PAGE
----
1. This is an application dated 29th October 1964 for execution of a decree dated 12th December 1932 of the Court of the Civil Judge, Senior Division, Poona. in Special Civil Suit No. 84 of 1952. The application has been filed by the Bank of Karad Ltd. because by an order dated 26th April 1962 made by the Reserve Bank of India under Section 44A(4) of the Banking Companies Act. 1949, the judgment creditors, the Presidency Industrial Bank Ltd., were amalgamated with the applicants. The amount claimed is Rs. 28,997.75 and costs. The mode in which the assistance of the Court is required is by issue of notices under Order 21, Rules 16 and 22 of the Code of Civil Procedure and by attachment and sale of certain properties of the judgment-debtors. Pursuant to a chamber order dated 7th May 1965 the execution application was amended by substituting the names of the two sons of the judgment-debtor No.2 R. G. Vijayakar as his legal representatives in his place, on the allegation that the said R. G. Vijayakar was dead and by seeking attachment and sale of certain properties of the said Vijayakar in the hands of the said legal representatives.
2. The applicants have stated that the decree was registered on 11th March I 953. The applicants have stated in the execution application that the first application, being Civil Application No. 160 of 1953 for execution, was made by the judgment-creditors on 16th July 1953 to the Court of the Civil Judge, Senior Division. Poona. and the said application was decided on 15th September 1953 by transfer of the decree to this Court for execution. Pursuant to that transfer, an application for execution was made in this Court in November 1953, but in the meanwhile, the first judgment-debtor company had been ordered to be wound up, the application for execution in this Court was abandoned and treated as filed on 2nd November 1965. The second application for execution of the decree was made to the Court of the Civil Judge, Senior Division. Poona, on 3rd November 1955, being Darkhast No.251 of 1955. The said application was dismissed on 13th June 1956. The said execution application was made against the judgment-debtor No. 7 only. and the Court held that the decree could not be executed against any of the judgment-debtors until the judgment-creditors had exhausted all their remedies against the property of the first judgment-debtor which was charged with the payment of the amount under Clause (5) of the consent decree. The third application for execution was made to the learned Civil Judge, Senior Division, Poona, on 22nd February 1958 and was disposed of on 14th April 1958. Thereafter on 1st April 1964 the present applicants made an application to the Civil Judge, Senior Division, Poona, for transfer of the decree to this Court for execution and on 12th September 1964 the decree was ordered to be transferred to this Court. The present execution application was filed on 29-10-1964. On the present application notices were ordered to be issued under Rules 16 and 22 of Order 21 of the Civil Procedure Code.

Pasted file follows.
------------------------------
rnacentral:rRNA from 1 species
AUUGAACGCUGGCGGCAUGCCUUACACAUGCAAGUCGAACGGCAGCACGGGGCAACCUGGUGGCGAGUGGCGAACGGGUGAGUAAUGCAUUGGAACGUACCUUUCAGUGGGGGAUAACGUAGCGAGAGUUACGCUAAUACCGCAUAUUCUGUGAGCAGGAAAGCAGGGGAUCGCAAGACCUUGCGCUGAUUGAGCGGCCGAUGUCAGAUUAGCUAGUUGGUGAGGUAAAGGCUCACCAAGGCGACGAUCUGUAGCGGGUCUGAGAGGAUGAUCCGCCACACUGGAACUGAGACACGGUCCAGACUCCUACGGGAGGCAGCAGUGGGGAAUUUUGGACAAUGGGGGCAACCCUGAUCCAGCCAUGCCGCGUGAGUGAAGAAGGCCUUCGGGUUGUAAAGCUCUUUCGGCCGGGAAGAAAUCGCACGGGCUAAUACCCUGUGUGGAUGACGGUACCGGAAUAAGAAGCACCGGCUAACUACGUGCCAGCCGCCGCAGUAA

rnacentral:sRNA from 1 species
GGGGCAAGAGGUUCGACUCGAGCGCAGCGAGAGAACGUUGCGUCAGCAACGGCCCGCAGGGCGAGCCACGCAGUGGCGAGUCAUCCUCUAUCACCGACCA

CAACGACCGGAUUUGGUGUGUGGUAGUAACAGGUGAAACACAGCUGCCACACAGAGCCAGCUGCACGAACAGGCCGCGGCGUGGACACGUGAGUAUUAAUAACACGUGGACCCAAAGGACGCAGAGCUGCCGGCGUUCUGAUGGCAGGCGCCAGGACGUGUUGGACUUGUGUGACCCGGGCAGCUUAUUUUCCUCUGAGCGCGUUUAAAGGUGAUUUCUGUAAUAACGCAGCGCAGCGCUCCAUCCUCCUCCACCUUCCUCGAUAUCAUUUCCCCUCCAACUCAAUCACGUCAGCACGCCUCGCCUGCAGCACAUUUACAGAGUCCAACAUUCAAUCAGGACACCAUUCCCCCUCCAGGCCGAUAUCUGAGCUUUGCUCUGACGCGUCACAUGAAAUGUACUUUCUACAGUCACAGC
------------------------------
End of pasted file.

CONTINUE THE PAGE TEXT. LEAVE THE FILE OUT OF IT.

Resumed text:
3. Notices under O. 21, R. 16 were dismissed by my learned brother Kantawala J. on 22nd November 1965 stating that 'Dismissed with costs as the application is not made to the Court which passed the decree'. It is the notice under O.21, R. 22 of the Civil Procedure Code that has been argued before me.
4. The first objection to the execution taken by all the judgment-debtors and the legal representatives of the second judgment-debtor Vijayakar is that the present applicants are not entitled to execute the decree as being transferees by operation of law. they must first apply to the Court which passed the decree for execution of the decree and that they have not done so, therefore, they are not entitled to apply for execution to this Court. On behalf of the applicants it is contended that the application for transfer of the decree made to the Poona Court under Section 39 C. P. C. on 1st April 1964 was such an execution application by the present applicants. I am afraid, this contention is not correct. It has been held by the Privy Council in the case of Banku Behari Chatterji v. Narain Das Dat that an application for transmission of a decree from one Court to another was not by itself a revival of the decree within the meaning of the Indian Limitation Act, inasmuch as an order thereon is a ministerial act of an officer of the Court, and not the judicial act of a judge.